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Each character has a unique deck of cards, which determines how they attack their opponents. The cards in your hand double as a way to buff your strength and defence when combat occurs, but exhausting your deck too quickly will lead you to defeat. You draw cards when you move between spaces on the board, so the game becomes a carefully measured swordfight of spotting windows to attack and carefully plotting your moves to manage your effective stamina.

It’s an ingenious system that boils down the tactical timing and placement of skirmish wargames to a set of rules that can be learnt in a couple of minutes - although, like any good fighting game, mastering each character’s deck will provide plenty of reason to play and play again for hours.

With Unmatched hitting PC in early access, I finally had the chance to try it out, and came away impressed. The digital edition itself, however, has a few caveats for the moment - including some bugs that stopped our first game from ending (the game has since been patched). It’s also a fairly barebones adaptation to screen, recreating the original board and miniatures effectively yet with few digital flourishes. For now, there’s just the four heroes from Volume 1 - Arthur, Medusa, Alice and Sinbad - so you’ll want to hold on for the DLC to really start mixing up your matches.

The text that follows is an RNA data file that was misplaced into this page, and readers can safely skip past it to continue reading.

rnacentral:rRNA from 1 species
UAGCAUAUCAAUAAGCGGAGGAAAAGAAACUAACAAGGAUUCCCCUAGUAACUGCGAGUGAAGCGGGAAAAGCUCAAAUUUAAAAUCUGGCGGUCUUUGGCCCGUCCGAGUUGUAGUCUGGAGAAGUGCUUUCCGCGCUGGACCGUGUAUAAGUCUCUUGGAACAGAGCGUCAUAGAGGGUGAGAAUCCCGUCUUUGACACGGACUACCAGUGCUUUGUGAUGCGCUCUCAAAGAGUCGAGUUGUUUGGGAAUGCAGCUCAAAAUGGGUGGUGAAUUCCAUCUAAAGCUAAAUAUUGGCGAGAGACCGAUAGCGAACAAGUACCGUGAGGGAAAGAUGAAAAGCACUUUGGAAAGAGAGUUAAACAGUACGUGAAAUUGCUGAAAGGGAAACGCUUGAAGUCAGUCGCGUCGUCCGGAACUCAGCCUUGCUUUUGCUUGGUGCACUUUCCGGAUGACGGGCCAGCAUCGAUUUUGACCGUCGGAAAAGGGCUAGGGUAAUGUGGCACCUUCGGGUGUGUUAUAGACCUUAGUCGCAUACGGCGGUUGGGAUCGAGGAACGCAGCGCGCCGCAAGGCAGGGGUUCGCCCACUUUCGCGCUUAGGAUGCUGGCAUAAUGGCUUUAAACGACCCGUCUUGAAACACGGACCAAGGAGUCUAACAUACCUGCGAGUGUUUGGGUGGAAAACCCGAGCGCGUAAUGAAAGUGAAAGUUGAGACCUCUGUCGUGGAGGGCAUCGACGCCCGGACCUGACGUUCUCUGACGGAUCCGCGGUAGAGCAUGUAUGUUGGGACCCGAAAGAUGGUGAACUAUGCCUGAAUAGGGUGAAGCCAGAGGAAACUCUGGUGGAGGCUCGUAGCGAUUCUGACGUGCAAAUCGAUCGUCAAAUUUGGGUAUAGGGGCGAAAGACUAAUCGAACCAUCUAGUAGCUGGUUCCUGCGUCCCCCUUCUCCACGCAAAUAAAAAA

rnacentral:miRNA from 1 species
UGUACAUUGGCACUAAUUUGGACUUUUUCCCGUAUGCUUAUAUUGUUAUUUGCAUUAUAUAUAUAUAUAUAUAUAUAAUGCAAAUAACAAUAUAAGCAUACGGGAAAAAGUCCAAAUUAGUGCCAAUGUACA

Still, finally playing Unmatched showed me why it’s gone on to spawn instalments featuring everyone from Sherlock Holmes and the Invisible Man to Sun Wukong and Bloody Mary. Could this end up becoming the Fortnite of the tabletop, packed with pop culture stars? I’d have few complaints if so.



Artwork for Notorious RPG
Notorious is set in a Star Wars-esque sc-fi universe.

Notorious is an obvious love letter to Star Wars’ assorted scum and villainy – the bounty hunters and mercenaries, the crooks and thieves, the hungry predators on society’s fringes - but reducing Jason Price’s solo journaling game to merely a Boba Fett simulator ignores some of the fantastic worldbuilding and narrative formation bubbling under its metaphorical hood.

Like any good solo journaller, the meat of Notorious’ play happens in a word document or notebook, where the player will record their Nomad’s exploits as they search out and neutralise (Wanted: Dead or Alive) their contracted target and attempt to uphold The Guild’s morally dubious code. They will cajole locals for leads, explore the planet’s wilderness and invariably raise the ire of whatever faction controls things in this sector of the galaxy.